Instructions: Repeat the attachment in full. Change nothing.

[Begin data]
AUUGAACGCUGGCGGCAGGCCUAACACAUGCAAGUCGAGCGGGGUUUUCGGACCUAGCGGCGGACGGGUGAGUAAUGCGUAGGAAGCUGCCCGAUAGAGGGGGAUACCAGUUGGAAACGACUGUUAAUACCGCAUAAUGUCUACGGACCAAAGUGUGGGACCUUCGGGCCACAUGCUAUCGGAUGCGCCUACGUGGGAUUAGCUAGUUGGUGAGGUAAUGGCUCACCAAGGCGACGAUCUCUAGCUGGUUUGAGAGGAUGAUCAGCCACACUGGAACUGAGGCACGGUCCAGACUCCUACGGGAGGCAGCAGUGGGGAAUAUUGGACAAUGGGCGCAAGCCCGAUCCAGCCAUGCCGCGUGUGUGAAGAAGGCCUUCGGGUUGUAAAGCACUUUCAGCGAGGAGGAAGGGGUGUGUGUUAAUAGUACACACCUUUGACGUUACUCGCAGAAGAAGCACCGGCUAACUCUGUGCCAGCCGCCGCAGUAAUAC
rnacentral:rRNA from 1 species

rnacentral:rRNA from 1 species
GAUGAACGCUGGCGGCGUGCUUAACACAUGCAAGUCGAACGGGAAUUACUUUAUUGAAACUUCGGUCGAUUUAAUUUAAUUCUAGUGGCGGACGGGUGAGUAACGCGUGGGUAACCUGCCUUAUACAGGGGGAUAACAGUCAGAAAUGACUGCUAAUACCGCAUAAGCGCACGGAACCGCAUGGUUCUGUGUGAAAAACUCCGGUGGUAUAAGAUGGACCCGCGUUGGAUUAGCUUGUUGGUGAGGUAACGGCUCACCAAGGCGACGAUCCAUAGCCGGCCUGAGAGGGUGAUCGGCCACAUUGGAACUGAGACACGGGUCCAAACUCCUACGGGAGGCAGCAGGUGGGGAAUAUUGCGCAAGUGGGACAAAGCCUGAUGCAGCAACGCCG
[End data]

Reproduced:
AUUGAACGCUGGCGGCAGGCCUAACACAUGCAAGUCGAGCGGGGUUUUCGGACCUAGCGGCGGACGGGUGAGUAAUGCGUAGGAAGCUGCCCGAUAGAGGGGGAUACCAGUUGGAAACGACUGUUAAUACCGCAUAAUGUCUACGGACCAAAGUGUGGGACCUUCGGGCCACAUGCUAUCGGAUGCGCCUACGUGGGAUUAGCUAGUUGGUGAGGUAAUGGCUCACCAAGGCGACGAUCUCUAGCUGGUUUGAGAGGAUGAUCAGCCACACUGGAACUGAGGCACGGUCCAGACUCCUACGGGAGGCAGCAGUGGGGAAUAUUGGACAAUGGGCGCAAGCCCGAUCCAGCCAUGCCGCGUGUGUGAAGAAGGCCUUCGGGUUGUAAAGCACUUUCAGCGAGGAGGAAGGGGUGUGUGUUAAUAGUACACACCUUUGACGUUACUCGCAGAAGAAGCACCGGCUAACUCUGUGCCAGCCGCCGCAGUAAUAC
rnacentral:rRNA from 1 species

rnacentral:rRNA from 1 species
GAUGAACGCUGGCGGCGUGCUUAACACAUGCAAGUCGAACGGGAAUUACUUUAUUGAAACUUCGGUCGAUUUAAUUUAAUUCUAGUGGCGGACGGGUGAGUAACGCGUGGGUAACCUGCCUUAUACAGGGGGAUAACAGUCAGAAAUGACUGCUAAUACCGCAUAAGCGCACGGAACCGCAUGGUUCUGUGUGAAAAACUCCGGUGGUAUAAGAUGGACCCGCGUUGGAUUAGCUUGUUGGUGAGGUAACGGCUCACCAAGGCGACGAUCCAUAGCCGGCCUGAGAGGGUGAUCGGCCACAUUGGAACUGAGACACGGGUCCAAACUCCUACGGGAGGCAGCAGGUGGGGAAUAUUGCGCAAGUGGGACAAAGCCUGAUGCAGCAACGCCG